It is with great joy and relief a heavy heart that I share the news that the newest member of our household, a gecko lizard named Carrot (don’t ask–I have no idea), has been released into the wilds of our front flower bed. It was the right thing to do. It was the expensive thing to do, because I had to bribe my daughter with a fish tank in order to agree to set Carrot free. Things got a little dicy at the Petsmart when my daughter wandered toward the hamsters, but I held my ground. It was a fish or nothing. My kids may be stubborn, but their stubbornness pales in comparison to mine, especially when the prospect of cleaning up more poop is involved.
I think it’s only fitting that I write a farewell letter to Carrot. May he or she live a long and happy lizard life.
I suppose it’s a small miracle that we found you in our house, not that finding geckos in our house is that uncommon, but typically the cat finds them first, and well, let’s just say they’re usually missing some parts when I find them. I know you’re a young lizard, but these are the hard facts of life for a gecko who wanders away from his natural habitat.
I know we barely got to know you, but those two days we will remember fondly, even if you did hide behind a rock most of the time. You will be missed, but your place is in the wild, not in a plastic storage container filled with dirt and Jenga game pieces.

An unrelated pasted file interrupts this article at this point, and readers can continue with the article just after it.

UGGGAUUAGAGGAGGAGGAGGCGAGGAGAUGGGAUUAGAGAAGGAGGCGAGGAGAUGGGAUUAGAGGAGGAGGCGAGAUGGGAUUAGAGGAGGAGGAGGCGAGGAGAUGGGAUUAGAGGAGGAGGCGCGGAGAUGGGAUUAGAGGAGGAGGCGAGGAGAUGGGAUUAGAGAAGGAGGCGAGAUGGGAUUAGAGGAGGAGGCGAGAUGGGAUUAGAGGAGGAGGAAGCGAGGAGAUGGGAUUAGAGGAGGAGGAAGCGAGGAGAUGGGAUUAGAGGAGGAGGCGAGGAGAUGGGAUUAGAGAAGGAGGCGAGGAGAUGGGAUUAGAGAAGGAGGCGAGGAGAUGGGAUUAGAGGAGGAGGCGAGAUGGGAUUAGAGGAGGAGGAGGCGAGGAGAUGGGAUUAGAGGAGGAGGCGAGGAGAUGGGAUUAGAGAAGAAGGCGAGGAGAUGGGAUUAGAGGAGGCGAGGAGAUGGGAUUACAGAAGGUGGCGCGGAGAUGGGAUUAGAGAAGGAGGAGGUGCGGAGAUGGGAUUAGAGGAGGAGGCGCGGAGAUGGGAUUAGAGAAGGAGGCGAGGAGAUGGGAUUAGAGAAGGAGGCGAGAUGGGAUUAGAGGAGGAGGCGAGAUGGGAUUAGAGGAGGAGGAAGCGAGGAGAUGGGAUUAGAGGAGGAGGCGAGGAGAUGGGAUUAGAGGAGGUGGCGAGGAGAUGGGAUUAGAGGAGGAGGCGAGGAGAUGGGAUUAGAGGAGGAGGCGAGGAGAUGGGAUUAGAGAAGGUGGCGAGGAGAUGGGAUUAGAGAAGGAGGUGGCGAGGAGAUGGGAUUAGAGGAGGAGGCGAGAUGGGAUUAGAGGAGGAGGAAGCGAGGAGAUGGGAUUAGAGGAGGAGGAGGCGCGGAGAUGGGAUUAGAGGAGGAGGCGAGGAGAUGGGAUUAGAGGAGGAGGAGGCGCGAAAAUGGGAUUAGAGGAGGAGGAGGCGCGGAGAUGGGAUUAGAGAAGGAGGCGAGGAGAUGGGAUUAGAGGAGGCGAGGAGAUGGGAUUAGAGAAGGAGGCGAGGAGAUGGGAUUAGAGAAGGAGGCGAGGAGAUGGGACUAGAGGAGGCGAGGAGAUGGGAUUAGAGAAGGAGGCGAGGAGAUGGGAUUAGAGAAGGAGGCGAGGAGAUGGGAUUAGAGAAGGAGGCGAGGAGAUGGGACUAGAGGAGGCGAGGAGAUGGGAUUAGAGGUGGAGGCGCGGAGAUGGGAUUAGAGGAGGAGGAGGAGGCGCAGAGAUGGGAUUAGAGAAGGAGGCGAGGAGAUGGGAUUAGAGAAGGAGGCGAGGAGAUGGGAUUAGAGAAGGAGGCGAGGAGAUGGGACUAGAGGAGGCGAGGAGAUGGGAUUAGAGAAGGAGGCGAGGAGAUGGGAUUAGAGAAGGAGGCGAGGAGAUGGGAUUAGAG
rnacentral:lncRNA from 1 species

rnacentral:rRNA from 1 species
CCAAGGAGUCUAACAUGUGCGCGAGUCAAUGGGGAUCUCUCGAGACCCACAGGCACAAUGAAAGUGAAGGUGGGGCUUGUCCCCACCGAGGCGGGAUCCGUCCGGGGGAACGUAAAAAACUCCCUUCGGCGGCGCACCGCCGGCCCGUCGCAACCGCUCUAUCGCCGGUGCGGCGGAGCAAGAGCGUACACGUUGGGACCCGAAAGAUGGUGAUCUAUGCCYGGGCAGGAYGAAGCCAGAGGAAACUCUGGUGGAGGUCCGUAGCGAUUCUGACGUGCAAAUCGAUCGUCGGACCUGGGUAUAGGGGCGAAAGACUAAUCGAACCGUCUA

But then instinct kicked in and you scurried under a plant without looking back.
Captain the beta fish will never replace you, he’s just a little less disgusting (no offense) and his food comes prepackaged. I think we’d be kidding ourselves if we seriously entertained the idea that anyone was going to catch and feed you live insects, and crushed up salad toppings are not the proper diet for a growing gecko.
You are welcome to live out your lizard life in our flower beds. A word of warning, though. I know it’s tempting to hang around the door close to where the porch light is and therefore where the insects fly at night, but I would strongly advise against it. If you don’t take my word for it, just go see for yourself what happens to geckos who choose the dangerous life of a door climber.
Take care of yourself. Watch out for mockingbirds and blue jays. We’ll leave the light on for you, but please stay outside?
The Richards Family